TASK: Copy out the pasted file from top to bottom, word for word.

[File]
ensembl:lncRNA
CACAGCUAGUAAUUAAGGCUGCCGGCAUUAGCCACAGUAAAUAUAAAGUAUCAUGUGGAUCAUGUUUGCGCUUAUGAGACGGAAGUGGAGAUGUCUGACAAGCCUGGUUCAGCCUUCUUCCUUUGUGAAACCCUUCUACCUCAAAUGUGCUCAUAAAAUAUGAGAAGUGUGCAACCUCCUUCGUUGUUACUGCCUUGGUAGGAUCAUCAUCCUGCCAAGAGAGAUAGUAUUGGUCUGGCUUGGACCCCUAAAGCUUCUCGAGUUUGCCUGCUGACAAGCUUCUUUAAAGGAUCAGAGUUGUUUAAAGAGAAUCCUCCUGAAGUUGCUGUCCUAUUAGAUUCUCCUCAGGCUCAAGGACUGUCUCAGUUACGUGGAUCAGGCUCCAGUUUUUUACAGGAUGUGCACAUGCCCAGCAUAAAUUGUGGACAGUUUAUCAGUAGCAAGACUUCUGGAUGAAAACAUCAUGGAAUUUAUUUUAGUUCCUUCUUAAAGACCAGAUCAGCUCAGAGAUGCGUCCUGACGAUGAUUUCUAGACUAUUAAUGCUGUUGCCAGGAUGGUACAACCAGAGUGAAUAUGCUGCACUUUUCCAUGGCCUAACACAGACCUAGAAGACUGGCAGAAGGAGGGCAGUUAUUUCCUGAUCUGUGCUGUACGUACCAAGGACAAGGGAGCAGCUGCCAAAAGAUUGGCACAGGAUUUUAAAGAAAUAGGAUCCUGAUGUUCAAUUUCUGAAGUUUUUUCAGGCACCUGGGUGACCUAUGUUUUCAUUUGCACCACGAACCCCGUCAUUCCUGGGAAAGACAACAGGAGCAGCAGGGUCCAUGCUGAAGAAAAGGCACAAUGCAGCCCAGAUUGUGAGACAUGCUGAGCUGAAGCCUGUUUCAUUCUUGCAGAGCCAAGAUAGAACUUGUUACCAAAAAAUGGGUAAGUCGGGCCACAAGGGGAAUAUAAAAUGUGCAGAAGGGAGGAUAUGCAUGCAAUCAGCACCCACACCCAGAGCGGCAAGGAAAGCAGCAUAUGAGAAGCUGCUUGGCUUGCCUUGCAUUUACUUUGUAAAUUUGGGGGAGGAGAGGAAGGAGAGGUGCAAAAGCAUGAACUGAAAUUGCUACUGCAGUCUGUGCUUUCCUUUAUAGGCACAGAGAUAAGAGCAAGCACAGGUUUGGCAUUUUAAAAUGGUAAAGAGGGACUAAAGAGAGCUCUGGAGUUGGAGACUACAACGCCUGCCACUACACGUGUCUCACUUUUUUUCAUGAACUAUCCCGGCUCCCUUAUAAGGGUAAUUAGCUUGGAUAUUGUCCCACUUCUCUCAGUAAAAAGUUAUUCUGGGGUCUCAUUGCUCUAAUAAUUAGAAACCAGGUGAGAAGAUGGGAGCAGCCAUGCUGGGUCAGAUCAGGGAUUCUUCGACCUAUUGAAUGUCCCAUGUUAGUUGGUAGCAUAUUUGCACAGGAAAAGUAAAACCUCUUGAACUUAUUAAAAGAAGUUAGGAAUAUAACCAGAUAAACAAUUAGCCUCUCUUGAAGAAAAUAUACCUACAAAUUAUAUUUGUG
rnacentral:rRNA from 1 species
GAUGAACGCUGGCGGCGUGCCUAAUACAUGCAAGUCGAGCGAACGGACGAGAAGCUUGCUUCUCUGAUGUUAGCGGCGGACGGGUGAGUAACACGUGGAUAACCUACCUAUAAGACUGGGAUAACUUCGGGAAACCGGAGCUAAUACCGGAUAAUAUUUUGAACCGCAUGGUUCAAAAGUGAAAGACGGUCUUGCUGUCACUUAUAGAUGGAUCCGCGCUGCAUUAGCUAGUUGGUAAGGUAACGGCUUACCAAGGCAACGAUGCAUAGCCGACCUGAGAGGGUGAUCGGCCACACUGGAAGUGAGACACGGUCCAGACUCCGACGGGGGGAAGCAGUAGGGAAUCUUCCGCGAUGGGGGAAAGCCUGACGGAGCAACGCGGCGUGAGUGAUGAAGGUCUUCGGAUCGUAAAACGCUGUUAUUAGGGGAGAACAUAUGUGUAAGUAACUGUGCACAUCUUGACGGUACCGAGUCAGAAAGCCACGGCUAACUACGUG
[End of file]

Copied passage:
ensembl:lncRNA
CACAGCUAGUAAUUAAGGCUGCCGGCAUUAGCCACAGUAAAUAUAAAGUAUCAUGUGGAUCAUGUUUGCGCUUAUGAGACGGAAGUGGAGAUGUCUGACAAGCCUGGUUCAGCCUUCUUCCUUUGUGAAACCCUUCUACCUCAAAUGUGCUCAUAAAAUAUGAGAAGUGUGCAACCUCCUUCGUUGUUACUGCCUUGGUAGGAUCAUCAUCCUGCCAAGAGAGAUAGUAUUGGUCUGGCUUGGACCCCUAAAGCUUCUCGAGUUUGCCUGCUGACAAGCUUCUUUAAAGGAUCAGAGUUGUUUAAAGAGAAUCCUCCUGAAGUUGCUGUCCUAUUAGAUUCUCCUCAGGCUCAAGGACUGUCUCAGUUACGUGGAUCAGGCUCCAGUUUUUUACAGGAUGUGCACAUGCCCAGCAUAAAUUGUGGACAGUUUAUCAGUAGCAAGACUUCUGGAUGAAAACAUCAUGGAAUUUAUUUUAGUUCCUUCUUAAAGACCAGAUCAGCUCAGAGAUGCGUCCUGACGAUGAUUUCUAGACUAUUAAUGCUGUUGCCAGGAUGGUACAACCAGAGUGAAUAUGCUGCACUUUUCCAUGGCCUAACACAGACCUAGAAGACUGGCAGAAGGAGGGCAGUUAUUUCCUGAUCUGUGCUGUACGUACCAAGGACAAGGGAGCAGCUGCCAAAAGAUUGGCACAGGAUUUUAAAGAAAUAGGAUCCUGAUGUUCAAUUUCUGAAGUUUUUUCAGGCACCUGGGUGACCUAUGUUUUCAUUUGCACCACGAACCCCGUCAUUCCUGGGAAAGACAACAGGAGCAGCAGGGUCCAUGCUGAAGAAAAGGCACAAUGCAGCCCAGAUUGUGAGACAUGCUGAGCUGAAGCCUGUUUCAUUCUUGCAGAGCCAAGAUAGAACUUGUUACCAAAAAAUGGGUAAGUCGGGCCACAAGGGGAAUAUAAAAUGUGCAGAAGGGAGGAUAUGCAUGCAAUCAGCACCCACACCCAGAGCGGCAAGGAAAGCAGCAUAUGAGAAGCUGCUUGGCUUGCCUUGCAUUUACUUUGUAAAUUUGGGGGAGGAGAGGAAGGAGAGGUGCAAAAGCAUGAACUGAAAUUGCUACUGCAGUCUGUGCUUUCCUUUAUAGGCACAGAGAUAAGAGCAAGCACAGGUUUGGCAUUUUAAAAUGGUAAAGAGGGACUAAAGAGAGCUCUGGAGUUGGAGACUACAACGCCUGCCACUACACGUGUCUCACUUUUUUUCAUGAACUAUCCCGGCUCCCUUAUAAGGGUAAUUAGCUUGGAUAUUGUCCCACUUCUCUCAGUAAAAAGUUAUUCUGGGGUCUCAUUGCUCUAAUAAUUAGAAACCAGGUGAGAAGAUGGGAGCAGCCAUGCUGGGUCAGAUCAGGGAUUCUUCGACCUAUUGAAUGUCCCAUGUUAGUUGGUAGCAUAUUUGCACAGGAAAAGUAAAACCUCUUGAACUUAUUAAAAGAAGUUAGGAAUAUAACCAGAUAAACAAUUAGCCUCUCUUGAAGAAAAUAUACCUACAAAUUAUAUUUGUG
rnacentral:rRNA from 1 species
GAUGAACGCUGGCGGCGUGCCUAAUACAUGCAAGUCGAGCGAACGGACGAGAAGCUUGCUUCUCUGAUGUUAGCGGCGGACGGGUGAGUAACACGUGGAUAACCUACCUAUAAGACUGGGAUAACUUCGGGAAACCGGAGCUAAUACCGGAUAAUAUUUUGAACCGCAUGGUUCAAAAGUGAAAGACGGUCUUGCUGUCACUUAUAGAUGGAUCCGCGCUGCAUUAGCUAGUUGGUAAGGUAACGGCUUACCAAGGCAACGAUGCAUAGCCGACCUGAGAGGGUGAUCGGCCACACUGGAAGUGAGACACGGUCCAGACUCCGACGGGGGGAAGCAGUAGGGAAUCUUCCGCGAUGGGGGAAAGCCUGACGGAGCAACGCGGCGUGAGUGAUGAAGGUCUUCGGAUCGUAAAACGCUGUUAUUAGGGGAGAACAUAUGUGUAAGUAACUGUGCACAUCUUGACGGUACCGAGUCAGAAAGCCACGGCUAACUACGUG